Global Limo Inc. and its president and director, James H. Maples, are accused in a three-count federal indictment of conspiring to falsify driver time records and failing to inspect buses to ensure their safety.
Maples, 65, didn't comment as he left the courtroom. His attorney, Charles Banker III, has said the government was blaming Maples for "something that was really completely out of his control." Maples was arrested Wednesday and released on a $75,000 bond.
The bus erupted into flames Sept. 23 on a freeway near Dallas while carrying evacuees from a Houston nursing home as Rita gathered strength in the Gulf of Mexico. The driver and some passengers escaped, but others were caught inside as patients' oxygen tanks exploded.
The accident accounted for almost one-fourth of the approximately 100 deaths linked to Hurricane Rita.
Federal regulators shut down Global Limo's bus operations after the fire, saying the conditions of its vehicles and drivers "are likely to result in serious injury or death." A grand jury declined to indict the driver.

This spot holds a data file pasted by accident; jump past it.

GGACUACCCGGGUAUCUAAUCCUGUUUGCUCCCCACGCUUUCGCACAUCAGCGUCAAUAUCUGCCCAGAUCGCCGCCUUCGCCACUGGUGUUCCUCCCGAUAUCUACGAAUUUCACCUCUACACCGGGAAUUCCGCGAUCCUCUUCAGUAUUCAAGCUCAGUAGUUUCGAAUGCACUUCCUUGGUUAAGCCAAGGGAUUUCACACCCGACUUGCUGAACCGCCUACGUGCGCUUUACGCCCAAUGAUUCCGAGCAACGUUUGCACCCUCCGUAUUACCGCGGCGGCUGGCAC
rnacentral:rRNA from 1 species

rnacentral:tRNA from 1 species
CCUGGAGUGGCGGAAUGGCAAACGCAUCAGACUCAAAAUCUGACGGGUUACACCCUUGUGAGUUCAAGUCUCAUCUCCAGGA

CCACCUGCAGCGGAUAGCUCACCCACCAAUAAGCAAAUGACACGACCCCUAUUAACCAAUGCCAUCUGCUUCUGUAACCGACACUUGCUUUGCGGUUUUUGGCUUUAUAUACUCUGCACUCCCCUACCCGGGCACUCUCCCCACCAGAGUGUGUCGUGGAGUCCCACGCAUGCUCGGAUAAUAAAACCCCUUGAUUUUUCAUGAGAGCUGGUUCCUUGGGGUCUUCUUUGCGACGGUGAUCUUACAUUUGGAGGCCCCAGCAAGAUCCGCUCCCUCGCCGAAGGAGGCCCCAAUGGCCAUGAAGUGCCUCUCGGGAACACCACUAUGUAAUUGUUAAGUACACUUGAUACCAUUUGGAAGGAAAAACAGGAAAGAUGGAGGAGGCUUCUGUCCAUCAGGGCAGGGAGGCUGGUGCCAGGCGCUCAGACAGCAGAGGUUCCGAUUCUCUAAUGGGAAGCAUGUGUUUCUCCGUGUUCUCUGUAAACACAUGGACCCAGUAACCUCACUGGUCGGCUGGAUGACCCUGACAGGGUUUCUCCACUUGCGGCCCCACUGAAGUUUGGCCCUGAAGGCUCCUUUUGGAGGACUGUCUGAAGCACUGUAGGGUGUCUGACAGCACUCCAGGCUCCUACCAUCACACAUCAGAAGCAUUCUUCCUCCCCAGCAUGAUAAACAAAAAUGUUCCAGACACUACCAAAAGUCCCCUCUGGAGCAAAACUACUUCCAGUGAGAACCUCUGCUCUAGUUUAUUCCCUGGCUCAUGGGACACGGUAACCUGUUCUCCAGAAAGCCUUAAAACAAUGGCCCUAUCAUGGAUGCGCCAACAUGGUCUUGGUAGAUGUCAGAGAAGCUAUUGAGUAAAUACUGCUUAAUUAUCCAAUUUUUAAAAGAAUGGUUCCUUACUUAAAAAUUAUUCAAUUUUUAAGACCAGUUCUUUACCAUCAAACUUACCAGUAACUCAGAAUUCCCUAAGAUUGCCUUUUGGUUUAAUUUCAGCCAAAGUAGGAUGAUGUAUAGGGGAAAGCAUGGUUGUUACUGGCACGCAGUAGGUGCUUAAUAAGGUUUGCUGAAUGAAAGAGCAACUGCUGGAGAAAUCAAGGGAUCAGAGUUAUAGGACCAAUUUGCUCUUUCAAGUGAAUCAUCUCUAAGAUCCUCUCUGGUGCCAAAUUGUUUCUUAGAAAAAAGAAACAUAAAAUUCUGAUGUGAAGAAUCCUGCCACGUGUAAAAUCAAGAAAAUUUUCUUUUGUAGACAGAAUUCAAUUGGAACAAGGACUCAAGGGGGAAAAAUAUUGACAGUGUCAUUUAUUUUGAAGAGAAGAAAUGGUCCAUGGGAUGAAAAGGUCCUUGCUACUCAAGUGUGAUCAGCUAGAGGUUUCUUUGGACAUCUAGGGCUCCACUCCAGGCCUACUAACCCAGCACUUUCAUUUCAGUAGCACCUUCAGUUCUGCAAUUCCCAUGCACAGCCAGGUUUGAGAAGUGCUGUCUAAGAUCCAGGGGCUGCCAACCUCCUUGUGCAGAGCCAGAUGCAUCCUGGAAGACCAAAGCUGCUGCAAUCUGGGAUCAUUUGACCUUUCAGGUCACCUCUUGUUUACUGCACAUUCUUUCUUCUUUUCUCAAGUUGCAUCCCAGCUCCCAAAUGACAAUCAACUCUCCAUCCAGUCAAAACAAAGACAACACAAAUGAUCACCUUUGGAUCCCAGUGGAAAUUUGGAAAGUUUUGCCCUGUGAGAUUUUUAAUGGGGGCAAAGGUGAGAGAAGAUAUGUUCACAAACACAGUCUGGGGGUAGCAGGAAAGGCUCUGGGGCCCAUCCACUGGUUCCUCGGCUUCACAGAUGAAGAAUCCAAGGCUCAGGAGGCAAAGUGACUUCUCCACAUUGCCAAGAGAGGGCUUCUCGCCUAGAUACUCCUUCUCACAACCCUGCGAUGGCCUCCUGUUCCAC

Prosecutors said the violations in the indictment are not necessarily what caused the accident, which remains under investigation by the National Transportation Safety Board.
"We can, when laws have been violated, hold people accountable to the laws that have been violated," federal prosecutor Don DeGabrielle said when the indictment was announced last week.
The conspiracy charge, the most serious, carries up to five years in prison and a $250,000 fine. If the company is convicted on that charge, it could be fined $500,000.
U.S. Magistrate Judge Dorina Ramos scheduled jury selection for early April.